Giselle Ballet

Rachel Hanson
Giselle

Of the classics, the Giselle ballet is one of the most loved stories. While some ballets are enjoyed by all ages of ballet audiences, Giselle is more of a ballet for adults. Of course, young audience members appreciate the dancing in Giselle, but the story is a complicated one for younger audience members. The costumes, music, and of course all the dancing, will captivate audiences of all ages.

History of the Giselle Ballet

The Giselle ballet was first performed in Paris in 1841. In 1842, the ballet was presented in England and in Russia, and in Italy it debuted in 1843. The ballet came to America in 1846, and has since become an intrinsic piece of the history of ballet.

The music for the ballet was written by Adolphe Adam, and the choreography in modern day versions of the production is a mix of the original choreography by Jean Coralli and Jules Perrot, as well as the vast majority of the modern choreography stemming from Marius Petipa's version of the ballet.

The ballet was created for the Italian ballerina Carlotta Grisi, whose portrayal of Giselle served as a benchmark for all future ballerinas who took on the role. The role is a very coveted one among ballerinas because it is the epitome of ballet prowess in the sense that the role requires a ballerina who is exceptionally talented technically, but also has exceptional expressive dramatic skills. Grisi was able to fulfill both requirements, making the ballet a success from the outset. Still today it is a favorite among ballet companies and ballet dancers.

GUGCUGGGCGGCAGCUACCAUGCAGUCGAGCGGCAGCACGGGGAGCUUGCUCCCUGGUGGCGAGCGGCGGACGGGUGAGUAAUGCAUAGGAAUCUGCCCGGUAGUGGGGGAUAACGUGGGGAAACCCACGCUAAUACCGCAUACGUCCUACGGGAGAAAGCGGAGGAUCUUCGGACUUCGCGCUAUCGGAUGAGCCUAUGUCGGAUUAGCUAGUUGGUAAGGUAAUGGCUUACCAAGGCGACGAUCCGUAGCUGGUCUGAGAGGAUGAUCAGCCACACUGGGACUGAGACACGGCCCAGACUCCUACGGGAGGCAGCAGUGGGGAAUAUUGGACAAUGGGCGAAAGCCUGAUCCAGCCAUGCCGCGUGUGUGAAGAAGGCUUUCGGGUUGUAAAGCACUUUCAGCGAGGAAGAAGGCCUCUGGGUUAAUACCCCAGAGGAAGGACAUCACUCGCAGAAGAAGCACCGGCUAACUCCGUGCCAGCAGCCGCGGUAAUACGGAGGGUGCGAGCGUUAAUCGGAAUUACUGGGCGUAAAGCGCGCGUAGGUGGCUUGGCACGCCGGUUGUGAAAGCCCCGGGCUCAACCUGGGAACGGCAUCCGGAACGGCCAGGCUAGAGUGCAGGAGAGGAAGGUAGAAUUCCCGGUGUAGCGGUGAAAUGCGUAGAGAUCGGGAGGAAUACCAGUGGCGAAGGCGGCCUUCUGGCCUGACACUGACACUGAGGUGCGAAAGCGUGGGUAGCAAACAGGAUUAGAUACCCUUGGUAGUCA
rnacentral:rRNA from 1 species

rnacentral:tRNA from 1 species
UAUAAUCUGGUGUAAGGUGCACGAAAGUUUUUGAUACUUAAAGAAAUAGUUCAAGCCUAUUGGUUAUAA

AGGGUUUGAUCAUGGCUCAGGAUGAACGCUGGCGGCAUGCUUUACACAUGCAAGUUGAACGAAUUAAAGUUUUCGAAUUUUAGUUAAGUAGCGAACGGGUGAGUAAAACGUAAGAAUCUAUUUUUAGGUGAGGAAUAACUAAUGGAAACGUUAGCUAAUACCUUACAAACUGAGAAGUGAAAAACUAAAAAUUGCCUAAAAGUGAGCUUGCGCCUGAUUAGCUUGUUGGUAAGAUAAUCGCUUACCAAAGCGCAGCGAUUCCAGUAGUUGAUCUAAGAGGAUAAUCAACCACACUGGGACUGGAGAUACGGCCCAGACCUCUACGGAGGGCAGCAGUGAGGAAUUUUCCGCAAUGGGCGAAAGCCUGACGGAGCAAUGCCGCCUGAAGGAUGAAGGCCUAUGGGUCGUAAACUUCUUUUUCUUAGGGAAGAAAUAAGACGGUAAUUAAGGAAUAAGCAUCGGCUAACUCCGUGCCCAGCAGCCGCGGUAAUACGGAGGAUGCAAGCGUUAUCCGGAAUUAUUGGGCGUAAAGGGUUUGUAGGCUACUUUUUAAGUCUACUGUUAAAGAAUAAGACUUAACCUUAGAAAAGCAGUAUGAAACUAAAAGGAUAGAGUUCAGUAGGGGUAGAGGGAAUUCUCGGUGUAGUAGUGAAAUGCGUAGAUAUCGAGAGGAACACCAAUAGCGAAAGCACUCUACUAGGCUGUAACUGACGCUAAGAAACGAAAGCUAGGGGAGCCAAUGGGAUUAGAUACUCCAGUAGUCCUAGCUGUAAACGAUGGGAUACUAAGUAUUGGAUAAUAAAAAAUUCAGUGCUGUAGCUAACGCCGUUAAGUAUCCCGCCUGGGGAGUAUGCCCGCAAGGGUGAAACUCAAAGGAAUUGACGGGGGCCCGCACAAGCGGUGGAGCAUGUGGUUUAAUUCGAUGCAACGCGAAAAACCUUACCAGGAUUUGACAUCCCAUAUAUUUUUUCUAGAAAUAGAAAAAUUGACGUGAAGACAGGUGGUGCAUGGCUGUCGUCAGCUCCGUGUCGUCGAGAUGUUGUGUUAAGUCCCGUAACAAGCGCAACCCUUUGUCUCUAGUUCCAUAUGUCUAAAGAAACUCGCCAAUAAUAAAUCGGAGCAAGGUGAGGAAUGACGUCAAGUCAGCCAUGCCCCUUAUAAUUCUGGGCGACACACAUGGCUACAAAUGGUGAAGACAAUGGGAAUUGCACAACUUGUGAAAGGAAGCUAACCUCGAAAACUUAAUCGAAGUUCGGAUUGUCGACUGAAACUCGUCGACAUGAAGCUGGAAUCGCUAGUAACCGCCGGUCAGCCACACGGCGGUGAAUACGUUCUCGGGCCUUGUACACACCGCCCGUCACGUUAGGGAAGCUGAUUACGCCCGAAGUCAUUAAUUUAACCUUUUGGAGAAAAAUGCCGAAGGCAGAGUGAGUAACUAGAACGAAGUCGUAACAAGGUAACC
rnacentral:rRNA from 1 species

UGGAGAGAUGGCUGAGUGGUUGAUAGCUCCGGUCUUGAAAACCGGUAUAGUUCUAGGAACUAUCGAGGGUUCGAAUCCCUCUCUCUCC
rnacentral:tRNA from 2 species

Giselle Ballet Story

The story of Giselle, as mentioned above, has its deep elements. Compared to The Nutcracker or to Peter and the Wolf, the Giselle ballet is a dark tale.

Giselle is a young peasant girl who lives with her mother in a small village. One day, a stranger comes to their village and flirts with Giselle. This stranger, though dressed as a peasant, is actually of the upper classes, but, wanting to enjoy a last adventure before his engagement to an upper-class woman becomes a marriage, he has disguised himself to fit in among the peasants.

Although Giselle is warned by her mother and others to not fall for Albrecht, she cannot resist his charms. She falls deeply in love with him, and when she finds out that he is an engaged man from the upper classes of society, she dies of shock. The second act of the play is when it turns supernatural.

In the graveyard where Giselle is buried, there is a group of female spirits called 'Wilis'; all of these females are the ghosts of women jaded by men during their lifetimes. Supposing that Giselle is going to join them because of her story, the Wilis attack Albrecht when he comes to visit Giselle. The Giselle ballet ends with her protecting him from the Wilis, ultimately refusing to join them, and being left in peace in her grave.

The story of the Giselle Ballet is an interesting one and certainly has its high points. Like Swan Lake, Giselle has some darker moments and a story that will not be understood by all audience members. Before going to see the ballet, it's certainly a good idea to familiarize yourself with the characters and storyline of the Giselle ballet.


Giselle is a fixture in the world of ballet. Famous productions include those of the Royal Ballet and of American Ballet Theatre. Certainly a beautiful ballet, Giselle has everything ballet audiences look for: beauty, drama, and, of course: DANCE!

Giselle Ballet